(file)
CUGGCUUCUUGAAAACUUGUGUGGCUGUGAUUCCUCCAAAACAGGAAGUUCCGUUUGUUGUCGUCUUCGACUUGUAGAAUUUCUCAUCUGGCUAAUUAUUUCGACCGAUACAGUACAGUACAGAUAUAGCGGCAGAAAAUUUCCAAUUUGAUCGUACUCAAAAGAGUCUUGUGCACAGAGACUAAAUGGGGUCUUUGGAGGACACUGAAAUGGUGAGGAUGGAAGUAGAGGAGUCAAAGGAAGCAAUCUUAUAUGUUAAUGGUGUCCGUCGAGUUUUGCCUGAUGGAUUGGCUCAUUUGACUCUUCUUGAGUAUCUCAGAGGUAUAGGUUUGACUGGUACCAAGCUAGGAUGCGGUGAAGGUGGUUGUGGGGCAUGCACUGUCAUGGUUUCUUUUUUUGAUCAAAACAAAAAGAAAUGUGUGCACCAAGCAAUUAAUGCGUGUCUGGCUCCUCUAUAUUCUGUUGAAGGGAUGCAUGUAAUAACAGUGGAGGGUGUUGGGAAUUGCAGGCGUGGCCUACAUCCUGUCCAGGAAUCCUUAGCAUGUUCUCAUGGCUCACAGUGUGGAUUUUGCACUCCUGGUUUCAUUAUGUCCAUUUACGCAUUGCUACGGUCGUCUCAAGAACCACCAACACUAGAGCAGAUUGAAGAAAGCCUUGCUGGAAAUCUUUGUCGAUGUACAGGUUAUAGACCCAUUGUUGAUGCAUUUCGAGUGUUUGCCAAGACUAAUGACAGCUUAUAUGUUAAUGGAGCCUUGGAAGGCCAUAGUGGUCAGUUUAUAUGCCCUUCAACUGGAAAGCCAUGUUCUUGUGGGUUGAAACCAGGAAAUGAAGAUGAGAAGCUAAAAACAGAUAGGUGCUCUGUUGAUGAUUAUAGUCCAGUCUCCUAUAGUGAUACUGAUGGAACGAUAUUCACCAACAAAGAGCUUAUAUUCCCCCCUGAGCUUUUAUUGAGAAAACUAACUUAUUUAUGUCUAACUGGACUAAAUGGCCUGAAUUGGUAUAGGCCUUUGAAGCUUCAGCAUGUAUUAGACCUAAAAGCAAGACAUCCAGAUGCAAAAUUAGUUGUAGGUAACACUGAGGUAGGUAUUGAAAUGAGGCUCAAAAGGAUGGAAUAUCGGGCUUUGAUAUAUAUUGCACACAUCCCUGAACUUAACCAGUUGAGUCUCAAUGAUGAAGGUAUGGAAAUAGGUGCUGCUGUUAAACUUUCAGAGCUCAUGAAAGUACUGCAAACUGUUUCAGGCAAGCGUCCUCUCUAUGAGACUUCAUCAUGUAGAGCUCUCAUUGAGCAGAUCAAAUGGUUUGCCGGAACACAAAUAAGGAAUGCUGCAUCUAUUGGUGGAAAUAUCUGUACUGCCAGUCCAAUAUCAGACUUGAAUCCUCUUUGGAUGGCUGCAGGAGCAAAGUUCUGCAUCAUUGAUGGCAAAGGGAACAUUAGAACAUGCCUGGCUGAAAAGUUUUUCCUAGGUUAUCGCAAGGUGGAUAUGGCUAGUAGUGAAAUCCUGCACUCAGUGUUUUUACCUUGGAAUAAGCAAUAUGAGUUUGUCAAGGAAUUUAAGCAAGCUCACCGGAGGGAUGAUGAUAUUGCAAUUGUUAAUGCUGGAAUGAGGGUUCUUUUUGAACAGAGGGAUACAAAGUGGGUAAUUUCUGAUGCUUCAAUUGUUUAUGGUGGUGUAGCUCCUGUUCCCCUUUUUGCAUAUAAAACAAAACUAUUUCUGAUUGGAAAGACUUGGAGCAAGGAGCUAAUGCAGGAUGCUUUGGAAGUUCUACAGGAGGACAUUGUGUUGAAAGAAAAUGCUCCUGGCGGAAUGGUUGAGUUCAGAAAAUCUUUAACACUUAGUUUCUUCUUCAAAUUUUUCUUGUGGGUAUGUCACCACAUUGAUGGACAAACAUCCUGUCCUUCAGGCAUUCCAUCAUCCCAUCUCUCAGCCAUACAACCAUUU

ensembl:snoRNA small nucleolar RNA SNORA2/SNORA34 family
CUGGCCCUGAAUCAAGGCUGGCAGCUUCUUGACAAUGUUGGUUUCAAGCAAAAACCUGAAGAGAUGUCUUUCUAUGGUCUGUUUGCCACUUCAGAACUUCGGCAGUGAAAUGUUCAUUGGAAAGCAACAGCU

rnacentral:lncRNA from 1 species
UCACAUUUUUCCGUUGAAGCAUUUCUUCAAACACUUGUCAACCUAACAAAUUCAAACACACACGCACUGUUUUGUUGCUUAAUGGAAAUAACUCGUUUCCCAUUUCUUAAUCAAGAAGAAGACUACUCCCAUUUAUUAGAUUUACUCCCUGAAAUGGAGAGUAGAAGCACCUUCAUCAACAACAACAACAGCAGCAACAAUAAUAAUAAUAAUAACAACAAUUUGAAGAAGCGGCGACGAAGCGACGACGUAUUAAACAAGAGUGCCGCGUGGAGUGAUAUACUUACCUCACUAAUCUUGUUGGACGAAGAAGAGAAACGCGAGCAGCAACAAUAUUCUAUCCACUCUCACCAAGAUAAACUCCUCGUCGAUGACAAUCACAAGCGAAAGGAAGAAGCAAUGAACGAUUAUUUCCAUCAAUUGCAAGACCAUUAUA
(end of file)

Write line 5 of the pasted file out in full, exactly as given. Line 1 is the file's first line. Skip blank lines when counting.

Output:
UCACAUUUUUCCGUUGAAGCAUUUCUUCAAACACUUGUCAACCUAACAAAUUCAAACACACACGCACUGUUUUGUUGCUUAAUGGAAAUAACUCGUUUCCCAUUUCUUAAUCAAGAAGAAGACUACUCCCAUUUAUUAGAUUUACUCCCUGAAAUGGAGAGUAGAAGCACCUUCAUCAACAACAACAACAGCAGCAACAAUAAUAAUAAUAAUAACAACAAUUUGAAGAAGCGGCGACGAAGCGACGACGUAUUAAACAAGAGUGCCGCGUGGAGUGAUAUACUUACCUCACUAAUCUUGUUGGACGAAGAAGAGAAACGCGAGCAGCAACAAUAUUCUAUCCACUCUCACCAAGAUAAACUCCUCGUCGAUGACAAUCACAAGCGAAAGGAAGAAGCAAUGAACGAUUAUUUCCAUCAAUUGCAAGACCAUUAUA